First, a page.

Oil Carryover Filter Test System

In John Deere machinery, engines are at-tached to an open crankcase ventilation (OCV) system that separates oil from crank-case blowby gases and returns it to the engine. After the oil is filtered out, the resulting expulsion is predominantly water vapor from the combustion reaction in the pistons. Un-der extreme conditions (e.g. idling in -40° C overnight), the water vapor from the engine can freeze around the filter, clogging the system. John Deere engineers are designing OCV systems that can withstand this clogging and operate in freezing temperatures.

In an effort to help John Deere engineers test OCV filters, Diesel Crank-case Solutions designed a portable device to simulate the blowby gases of an engine. The device discharges a replica mixture of air, water, and oil particles that come from an engine. The “blowby” mist goes through a hose into a cold chamber where OCV filters can be tested. It is also adjustable and can simulate several different sizes of engines.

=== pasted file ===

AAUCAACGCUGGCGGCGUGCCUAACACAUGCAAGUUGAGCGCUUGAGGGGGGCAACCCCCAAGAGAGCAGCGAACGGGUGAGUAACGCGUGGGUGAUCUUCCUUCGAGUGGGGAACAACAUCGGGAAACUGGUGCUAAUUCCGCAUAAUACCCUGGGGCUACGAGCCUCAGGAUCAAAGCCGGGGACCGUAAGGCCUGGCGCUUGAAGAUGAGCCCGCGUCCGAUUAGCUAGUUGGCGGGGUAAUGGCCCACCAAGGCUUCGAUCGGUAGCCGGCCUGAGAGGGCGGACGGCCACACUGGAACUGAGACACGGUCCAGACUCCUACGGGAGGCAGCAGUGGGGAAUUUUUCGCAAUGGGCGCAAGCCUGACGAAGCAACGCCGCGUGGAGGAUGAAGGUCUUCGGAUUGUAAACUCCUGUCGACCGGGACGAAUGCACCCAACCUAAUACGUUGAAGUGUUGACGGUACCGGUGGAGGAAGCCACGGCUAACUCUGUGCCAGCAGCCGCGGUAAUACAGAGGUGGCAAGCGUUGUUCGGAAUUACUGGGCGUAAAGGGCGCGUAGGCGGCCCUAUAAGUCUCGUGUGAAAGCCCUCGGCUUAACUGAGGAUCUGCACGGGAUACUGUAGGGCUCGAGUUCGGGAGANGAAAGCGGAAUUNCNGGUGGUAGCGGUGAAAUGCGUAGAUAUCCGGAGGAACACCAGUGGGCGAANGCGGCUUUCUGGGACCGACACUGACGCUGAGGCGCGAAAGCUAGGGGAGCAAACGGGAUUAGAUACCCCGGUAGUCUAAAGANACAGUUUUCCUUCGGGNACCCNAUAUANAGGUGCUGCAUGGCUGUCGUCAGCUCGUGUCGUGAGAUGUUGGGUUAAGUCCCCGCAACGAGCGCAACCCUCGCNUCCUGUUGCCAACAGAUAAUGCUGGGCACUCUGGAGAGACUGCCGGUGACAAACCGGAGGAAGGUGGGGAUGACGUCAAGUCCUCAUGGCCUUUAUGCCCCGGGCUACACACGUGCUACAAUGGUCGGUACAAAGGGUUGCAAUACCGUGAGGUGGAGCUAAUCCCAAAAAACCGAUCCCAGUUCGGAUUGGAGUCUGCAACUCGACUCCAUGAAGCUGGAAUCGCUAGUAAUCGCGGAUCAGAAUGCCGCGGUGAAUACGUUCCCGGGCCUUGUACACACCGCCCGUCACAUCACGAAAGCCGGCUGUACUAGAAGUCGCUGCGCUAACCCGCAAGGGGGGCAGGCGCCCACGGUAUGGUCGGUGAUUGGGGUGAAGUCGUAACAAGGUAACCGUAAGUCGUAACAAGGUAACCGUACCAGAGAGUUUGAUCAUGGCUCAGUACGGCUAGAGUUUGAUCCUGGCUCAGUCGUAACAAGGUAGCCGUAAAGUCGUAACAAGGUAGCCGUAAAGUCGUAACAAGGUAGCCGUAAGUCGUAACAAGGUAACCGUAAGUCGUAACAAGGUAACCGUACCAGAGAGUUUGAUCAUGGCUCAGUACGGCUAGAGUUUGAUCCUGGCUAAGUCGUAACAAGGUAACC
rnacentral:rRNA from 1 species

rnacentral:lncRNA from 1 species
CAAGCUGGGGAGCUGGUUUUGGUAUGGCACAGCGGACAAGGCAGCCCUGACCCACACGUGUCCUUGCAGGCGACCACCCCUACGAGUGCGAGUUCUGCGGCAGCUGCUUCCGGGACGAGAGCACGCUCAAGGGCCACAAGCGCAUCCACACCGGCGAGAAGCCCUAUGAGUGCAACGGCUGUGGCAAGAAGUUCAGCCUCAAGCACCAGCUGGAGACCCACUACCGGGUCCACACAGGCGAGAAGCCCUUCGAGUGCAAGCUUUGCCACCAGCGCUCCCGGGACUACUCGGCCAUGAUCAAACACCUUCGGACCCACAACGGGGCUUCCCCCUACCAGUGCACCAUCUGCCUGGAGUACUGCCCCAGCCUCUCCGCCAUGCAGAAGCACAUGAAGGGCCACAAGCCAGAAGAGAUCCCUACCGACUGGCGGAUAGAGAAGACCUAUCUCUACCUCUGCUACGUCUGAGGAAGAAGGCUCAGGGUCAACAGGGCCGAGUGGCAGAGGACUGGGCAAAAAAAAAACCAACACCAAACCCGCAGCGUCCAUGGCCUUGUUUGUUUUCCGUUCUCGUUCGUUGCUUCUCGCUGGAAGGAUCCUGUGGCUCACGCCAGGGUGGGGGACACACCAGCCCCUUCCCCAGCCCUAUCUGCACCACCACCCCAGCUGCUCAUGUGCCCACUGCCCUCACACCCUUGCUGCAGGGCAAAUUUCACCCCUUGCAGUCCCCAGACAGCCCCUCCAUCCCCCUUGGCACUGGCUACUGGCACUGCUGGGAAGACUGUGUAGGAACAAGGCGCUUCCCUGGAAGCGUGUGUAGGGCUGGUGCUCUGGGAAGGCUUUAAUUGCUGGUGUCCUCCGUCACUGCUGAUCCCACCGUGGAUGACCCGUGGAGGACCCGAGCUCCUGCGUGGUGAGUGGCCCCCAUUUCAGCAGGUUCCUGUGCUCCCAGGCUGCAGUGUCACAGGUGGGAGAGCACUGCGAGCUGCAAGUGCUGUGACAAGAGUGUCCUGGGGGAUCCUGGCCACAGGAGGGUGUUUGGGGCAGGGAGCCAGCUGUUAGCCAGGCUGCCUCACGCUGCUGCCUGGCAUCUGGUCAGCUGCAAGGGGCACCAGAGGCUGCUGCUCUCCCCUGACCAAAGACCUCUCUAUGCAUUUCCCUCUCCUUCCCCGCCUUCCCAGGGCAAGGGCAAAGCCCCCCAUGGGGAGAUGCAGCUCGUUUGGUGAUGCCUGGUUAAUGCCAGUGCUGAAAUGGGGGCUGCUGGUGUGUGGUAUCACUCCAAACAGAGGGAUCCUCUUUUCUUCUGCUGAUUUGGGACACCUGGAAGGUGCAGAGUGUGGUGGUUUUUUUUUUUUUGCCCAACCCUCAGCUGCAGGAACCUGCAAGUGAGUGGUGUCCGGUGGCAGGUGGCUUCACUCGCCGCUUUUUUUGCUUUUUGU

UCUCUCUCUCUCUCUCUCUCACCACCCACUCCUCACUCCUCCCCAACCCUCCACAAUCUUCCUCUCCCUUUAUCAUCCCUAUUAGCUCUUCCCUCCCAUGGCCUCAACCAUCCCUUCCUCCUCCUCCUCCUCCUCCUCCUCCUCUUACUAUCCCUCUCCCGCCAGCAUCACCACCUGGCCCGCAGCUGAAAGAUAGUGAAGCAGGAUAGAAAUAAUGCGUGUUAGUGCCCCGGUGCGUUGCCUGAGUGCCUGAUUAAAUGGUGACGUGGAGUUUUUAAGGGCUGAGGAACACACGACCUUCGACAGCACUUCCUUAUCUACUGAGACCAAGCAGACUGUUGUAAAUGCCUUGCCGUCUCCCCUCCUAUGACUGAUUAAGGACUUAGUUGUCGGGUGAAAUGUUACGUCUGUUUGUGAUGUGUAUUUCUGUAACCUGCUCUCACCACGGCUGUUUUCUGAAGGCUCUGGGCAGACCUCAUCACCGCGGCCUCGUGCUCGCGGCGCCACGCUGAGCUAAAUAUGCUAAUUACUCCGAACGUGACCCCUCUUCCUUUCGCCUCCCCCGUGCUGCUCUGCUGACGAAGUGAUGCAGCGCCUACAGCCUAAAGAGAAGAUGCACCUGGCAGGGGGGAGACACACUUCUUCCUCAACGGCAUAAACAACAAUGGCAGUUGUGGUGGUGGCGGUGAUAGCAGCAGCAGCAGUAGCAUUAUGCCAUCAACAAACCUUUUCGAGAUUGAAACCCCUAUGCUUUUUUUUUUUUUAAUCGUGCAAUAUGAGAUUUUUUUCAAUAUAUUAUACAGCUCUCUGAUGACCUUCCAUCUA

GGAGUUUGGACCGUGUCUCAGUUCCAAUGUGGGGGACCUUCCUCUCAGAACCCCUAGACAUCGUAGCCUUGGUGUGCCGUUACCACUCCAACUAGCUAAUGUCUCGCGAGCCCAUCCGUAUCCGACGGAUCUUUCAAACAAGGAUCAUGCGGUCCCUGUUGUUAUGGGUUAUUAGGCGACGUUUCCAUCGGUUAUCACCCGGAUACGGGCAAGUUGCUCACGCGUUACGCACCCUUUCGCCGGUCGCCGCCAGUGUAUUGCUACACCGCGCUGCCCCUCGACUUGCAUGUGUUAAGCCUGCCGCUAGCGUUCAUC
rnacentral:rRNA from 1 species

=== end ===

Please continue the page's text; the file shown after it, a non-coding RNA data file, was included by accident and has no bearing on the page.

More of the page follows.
The device will provide a reliable benchmark to test the OCV systems. It will remove the need for large test bays, where the exhaust and blowby of live engines are used to test OCV filters currently. Live engines are cumbersome and inconsistent with one another. Bypassing test bays will greatly increase accuracy in testing. The machine is predicted to be able to last over 24 hours, so OCV filters can be tested continuously with a constant blowby source.

School Year (term): 
John Deere
Team Name: 
Diesel Crankcase Solutions
Joseph Prince
Team Members: 
Clinton Bell, Joseph Hirt, Casey Hubbell, Xanthea Nikopoulos, Levi Smith, Searle Vincent

Brigham Young University - Provo | Ira A. Fulton College of Engineering and Technology | The Church of Jesus Christ of Latter-day Saints
Capstone Webmaster, Department of Mechanical Engineering, BYU, Provo, UT 84602 - (801) 422-3894 Address/Directions

Copyright 2012. All Rights Reserved.
Admin Login